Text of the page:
published Wednesday, August 31st, 2011

Florida coast has tasty food

Planning a trip to Florida over Labor Day weekend? If so, don't forget to swing by the Forgotten Coast if you're in the area (about 25 miles east of Panama City).

If you visit, like my husband and I did a couple of weeks ago, you're in for a culinary treat. If you're looking for value, plus some great dining, this is the place to be.

For starters, go online and check out houses rented at VRBO (vacation rentals by owner). The houses are extremely nice, and most are offered at wonderful prices. Our two-bedroom house directly on the beach was just $800 for a whole week, which allowed us to save money for other vacation pleasures, such as great dining.

A large part of the Forgotten Coast is surrounded by the Apalachicola National Forest. Small towns there are miles apart and there is no interstate system nearby, so two-lane roads take a while to travel. Also, most restaurants there are not open on Monday nights, so you'll be on your own, perhaps buying seafood at a local fish market, like we did, and cooking at home.

Here are several suggestions for unforgettable restaurants along the Forgotten Coast.

  • The Coastal: This restaurant is full of locals, which is always a good sign. Located in the heart of Panacea, it's a good place for Southern cooking. My recommendation: The fried shrimp platter, fried green tomatoes and coleslaw. Delicious.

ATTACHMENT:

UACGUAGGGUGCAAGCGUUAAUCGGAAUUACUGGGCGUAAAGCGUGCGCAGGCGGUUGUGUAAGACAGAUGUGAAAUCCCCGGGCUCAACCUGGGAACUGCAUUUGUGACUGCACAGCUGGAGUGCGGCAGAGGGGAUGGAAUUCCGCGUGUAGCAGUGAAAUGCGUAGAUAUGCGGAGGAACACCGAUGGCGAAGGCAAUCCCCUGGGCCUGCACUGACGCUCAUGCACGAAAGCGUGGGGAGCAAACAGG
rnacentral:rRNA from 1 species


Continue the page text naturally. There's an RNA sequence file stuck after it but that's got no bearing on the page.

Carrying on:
• Backwoods Bistro: This is one of two restaurants in the charming, small town of Sopchoppy, also home to the Worm Gruntin' Festival held on the second Saturday of April each year. The restaurant has old brick walls, a tin ceiling and other accouterments that reveal its history as the town's original pharmacy. The menu is one of the most creative in the region and offers a good mix of dishes, from made-from-scratch lasagna to delicious pizzas and local seafood. I enjoyed a delicious mahi-mahi filet with orange and molasses.

  • The Wharf Express serves meals Thursday through Sunday in the delightful planned community of Summer Camp, a new town between St. Teresa and Carrabelle. It was the closest to our house, so we dined there several times, enjoying some really good seafood each time. The seafood platter with blackened shrimp, scallops and a crab cake was my choice one night. The next night I had the black-and-blue steak salad, as well as a taste of my husband's dishes: fried shrimp one night and catfish on another.

We weren't in the area long enough to get over to the town of Apalachicola for some great oysters or down to St. George Island, which was voted the sixth-best beach in the United States in an annual survey by Florida International University professor Stephen Leatherman, a.k.a. "Dr. Beach." But for one week, we had our piece of paradise, which included a beach all to ourselves.

Much of the area around St. Teresa is kept in its natural state. Pine trees mingle with palm trees at the beach, so it's a common sight to see pine cones resting next to colorful shells. And the beach is not tended each morning, so you'll see lines of dried sea grasses brought in by the high tide. A trip to the Forgotten Coast is one that will take you back to Florida the way it used to be, not all fast food and manmade glitter.

Speaking of fast food, here's something I didn't know. I ordered a grilled chicken sandwich with small fries at Wendy's a couple of days ago and was told my order would cost the same as the combo, which included a drink. Go figure. I had them add a Diet Coke to my lunch. Just something to remember the next time you're hankering for a burger/sandwich and fries.

Email Anne Braly at abraly@timesfreepress.com.

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